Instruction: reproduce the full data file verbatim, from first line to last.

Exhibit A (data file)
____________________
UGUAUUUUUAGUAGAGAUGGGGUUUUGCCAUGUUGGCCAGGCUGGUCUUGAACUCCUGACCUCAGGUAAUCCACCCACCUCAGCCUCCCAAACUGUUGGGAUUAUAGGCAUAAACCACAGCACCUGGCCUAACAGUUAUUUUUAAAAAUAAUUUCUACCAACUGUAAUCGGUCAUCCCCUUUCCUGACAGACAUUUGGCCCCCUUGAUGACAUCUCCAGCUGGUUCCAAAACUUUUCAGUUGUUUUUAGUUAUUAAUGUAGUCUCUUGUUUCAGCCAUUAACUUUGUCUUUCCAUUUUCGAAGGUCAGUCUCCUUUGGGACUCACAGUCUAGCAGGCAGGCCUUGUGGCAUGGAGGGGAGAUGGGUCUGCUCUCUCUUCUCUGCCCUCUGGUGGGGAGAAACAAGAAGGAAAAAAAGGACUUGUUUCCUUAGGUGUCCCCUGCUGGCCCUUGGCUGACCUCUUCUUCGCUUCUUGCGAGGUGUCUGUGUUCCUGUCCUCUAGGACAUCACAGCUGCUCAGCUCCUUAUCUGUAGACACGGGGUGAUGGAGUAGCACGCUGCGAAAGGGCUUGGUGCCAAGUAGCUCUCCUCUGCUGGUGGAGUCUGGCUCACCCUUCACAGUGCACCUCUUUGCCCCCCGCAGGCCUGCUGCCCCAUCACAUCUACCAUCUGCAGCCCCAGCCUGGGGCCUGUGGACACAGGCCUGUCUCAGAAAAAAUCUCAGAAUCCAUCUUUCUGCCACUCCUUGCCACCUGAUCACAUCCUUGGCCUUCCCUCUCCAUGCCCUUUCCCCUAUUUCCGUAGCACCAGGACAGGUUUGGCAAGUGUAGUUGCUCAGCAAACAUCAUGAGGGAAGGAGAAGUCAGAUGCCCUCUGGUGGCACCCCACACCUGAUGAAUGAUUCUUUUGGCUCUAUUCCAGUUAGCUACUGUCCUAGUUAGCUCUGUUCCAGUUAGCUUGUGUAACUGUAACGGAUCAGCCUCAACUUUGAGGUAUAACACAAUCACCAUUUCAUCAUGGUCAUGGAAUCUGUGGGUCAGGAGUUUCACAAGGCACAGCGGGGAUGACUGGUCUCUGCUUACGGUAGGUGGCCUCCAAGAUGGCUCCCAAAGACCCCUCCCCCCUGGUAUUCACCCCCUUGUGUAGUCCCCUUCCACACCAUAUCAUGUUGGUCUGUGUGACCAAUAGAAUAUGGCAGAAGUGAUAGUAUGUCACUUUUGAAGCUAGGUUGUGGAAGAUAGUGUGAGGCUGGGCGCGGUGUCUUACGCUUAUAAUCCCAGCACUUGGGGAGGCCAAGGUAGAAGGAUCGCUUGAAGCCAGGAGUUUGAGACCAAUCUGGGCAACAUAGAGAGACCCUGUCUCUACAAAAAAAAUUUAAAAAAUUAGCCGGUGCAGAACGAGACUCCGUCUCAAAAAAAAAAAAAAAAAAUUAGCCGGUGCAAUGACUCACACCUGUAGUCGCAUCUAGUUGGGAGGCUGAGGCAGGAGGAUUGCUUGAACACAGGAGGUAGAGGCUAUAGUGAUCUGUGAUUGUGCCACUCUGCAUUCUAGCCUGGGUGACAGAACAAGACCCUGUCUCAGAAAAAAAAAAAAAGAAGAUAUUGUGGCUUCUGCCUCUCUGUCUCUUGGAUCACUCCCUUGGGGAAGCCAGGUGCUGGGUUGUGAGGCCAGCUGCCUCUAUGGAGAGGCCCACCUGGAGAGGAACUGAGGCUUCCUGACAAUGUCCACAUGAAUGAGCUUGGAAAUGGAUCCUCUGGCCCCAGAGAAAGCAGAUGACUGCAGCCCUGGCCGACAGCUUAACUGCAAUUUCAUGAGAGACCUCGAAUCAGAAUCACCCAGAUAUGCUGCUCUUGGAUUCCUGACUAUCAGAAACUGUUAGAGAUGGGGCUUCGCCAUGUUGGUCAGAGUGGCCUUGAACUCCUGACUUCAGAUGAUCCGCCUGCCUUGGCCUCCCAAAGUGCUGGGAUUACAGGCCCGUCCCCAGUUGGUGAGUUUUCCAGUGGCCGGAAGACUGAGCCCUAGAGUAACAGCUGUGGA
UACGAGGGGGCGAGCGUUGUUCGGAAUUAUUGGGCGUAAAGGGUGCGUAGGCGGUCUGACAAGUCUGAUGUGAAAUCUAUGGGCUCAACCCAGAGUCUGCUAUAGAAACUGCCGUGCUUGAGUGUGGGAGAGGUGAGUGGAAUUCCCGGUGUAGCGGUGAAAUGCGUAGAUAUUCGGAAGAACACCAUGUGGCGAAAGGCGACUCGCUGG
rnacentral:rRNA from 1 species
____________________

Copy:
UGUAUUUUUAGUAGAGAUGGGGUUUUGCCAUGUUGGCCAGGCUGGUCUUGAACUCCUGACCUCAGGUAAUCCACCCACCUCAGCCUCCCAAACUGUUGGGAUUAUAGGCAUAAACCACAGCACCUGGCCUAACAGUUAUUUUUAAAAAUAAUUUCUACCAACUGUAAUCGGUCAUCCCCUUUCCUGACAGACAUUUGGCCCCCUUGAUGACAUCUCCAGCUGGUUCCAAAACUUUUCAGUUGUUUUUAGUUAUUAAUGUAGUCUCUUGUUUCAGCCAUUAACUUUGUCUUUCCAUUUUCGAAGGUCAGUCUCCUUUGGGACUCACAGUCUAGCAGGCAGGCCUUGUGGCAUGGAGGGGAGAUGGGUCUGCUCUCUCUUCUCUGCCCUCUGGUGGGGAGAAACAAGAAGGAAAAAAAGGACUUGUUUCCUUAGGUGUCCCCUGCUGGCCCUUGGCUGACCUCUUCUUCGCUUCUUGCGAGGUGUCUGUGUUCCUGUCCUCUAGGACAUCACAGCUGCUCAGCUCCUUAUCUGUAGACACGGGGUGAUGGAGUAGCACGCUGCGAAAGGGCUUGGUGCCAAGUAGCUCUCCUCUGCUGGUGGAGUCUGGCUCACCCUUCACAGUGCACCUCUUUGCCCCCCGCAGGCCUGCUGCCCCAUCACAUCUACCAUCUGCAGCCCCAGCCUGGGGCCUGUGGACACAGGCCUGUCUCAGAAAAAAUCUCAGAAUCCAUCUUUCUGCCACUCCUUGCCACCUGAUCACAUCCUUGGCCUUCCCUCUCCAUGCCCUUUCCCCUAUUUCCGUAGCACCAGGACAGGUUUGGCAAGUGUAGUUGCUCAGCAAACAUCAUGAGGGAAGGAGAAGUCAGAUGCCCUCUGGUGGCACCCCACACCUGAUGAAUGAUUCUUUUGGCUCUAUUCCAGUUAGCUACUGUCCUAGUUAGCUCUGUUCCAGUUAGCUUGUGUAACUGUAACGGAUCAGCCUCAACUUUGAGGUAUAACACAAUCACCAUUUCAUCAUGGUCAUGGAAUCUGUGGGUCAGGAGUUUCACAAGGCACAGCGGGGAUGACUGGUCUCUGCUUACGGUAGGUGGCCUCCAAGAUGGCUCCCAAAGACCCCUCCCCCCUGGUAUUCACCCCCUUGUGUAGUCCCCUUCCACACCAUAUCAUGUUGGUCUGUGUGACCAAUAGAAUAUGGCAGAAGUGAUAGUAUGUCACUUUUGAAGCUAGGUUGUGGAAGAUAGUGUGAGGCUGGGCGCGGUGUCUUACGCUUAUAAUCCCAGCACUUGGGGAGGCCAAGGUAGAAGGAUCGCUUGAAGCCAGGAGUUUGAGACCAAUCUGGGCAACAUAGAGAGACCCUGUCUCUACAAAAAAAAUUUAAAAAAUUAGCCGGUGCAGAACGAGACUCCGUCUCAAAAAAAAAAAAAAAAAAUUAGCCGGUGCAAUGACUCACACCUGUAGUCGCAUCUAGUUGGGAGGCUGAGGCAGGAGGAUUGCUUGAACACAGGAGGUAGAGGCUAUAGUGAUCUGUGAUUGUGCCACUCUGCAUUCUAGCCUGGGUGACAGAACAAGACCCUGUCUCAGAAAAAAAAAAAAAGAAGAUAUUGUGGCUUCUGCCUCUCUGUCUCUUGGAUCACUCCCUUGGGGAAGCCAGGUGCUGGGUUGUGAGGCCAGCUGCCUCUAUGGAGAGGCCCACCUGGAGAGGAACUGAGGCUUCCUGACAAUGUCCACAUGAAUGAGCUUGGAAAUGGAUCCUCUGGCCCCAGAGAAAGCAGAUGACUGCAGCCCUGGCCGACAGCUUAACUGCAAUUUCAUGAGAGACCUCGAAUCAGAAUCACCCAGAUAUGCUGCUCUUGGAUUCCUGACUAUCAGAAACUGUUAGAGAUGGGGCUUCGCCAUGUUGGUCAGAGUGGCCUUGAACUCCUGACUUCAGAUGAUCCGCCUGCCUUGGCCUCCCAAAGUGCUGGGAUUACAGGCCCGUCCCCAGUUGGUGAGUUUUCCAGUGGCCGGAAGACUGAGCCCUAGAGUAACAGCUGUGGA
UACGAGGGGGCGAGCGUUGUUCGGAAUUAUUGGGCGUAAAGGGUGCGUAGGCGGUCUGACAAGUCUGAUGUGAAAUCUAUGGGCUCAACCCAGAGUCUGCUAUAGAAACUGCCGUGCUUGAGUGUGGGAGAGGUGAGUGGAAUUCCCGGUGUAGCGGUGAAAUGCGUAGAUAUUCGGAAGAACACCAUGUGGCGAAAGGCGACUCGCUGG
rnacentral:rRNA from 1 species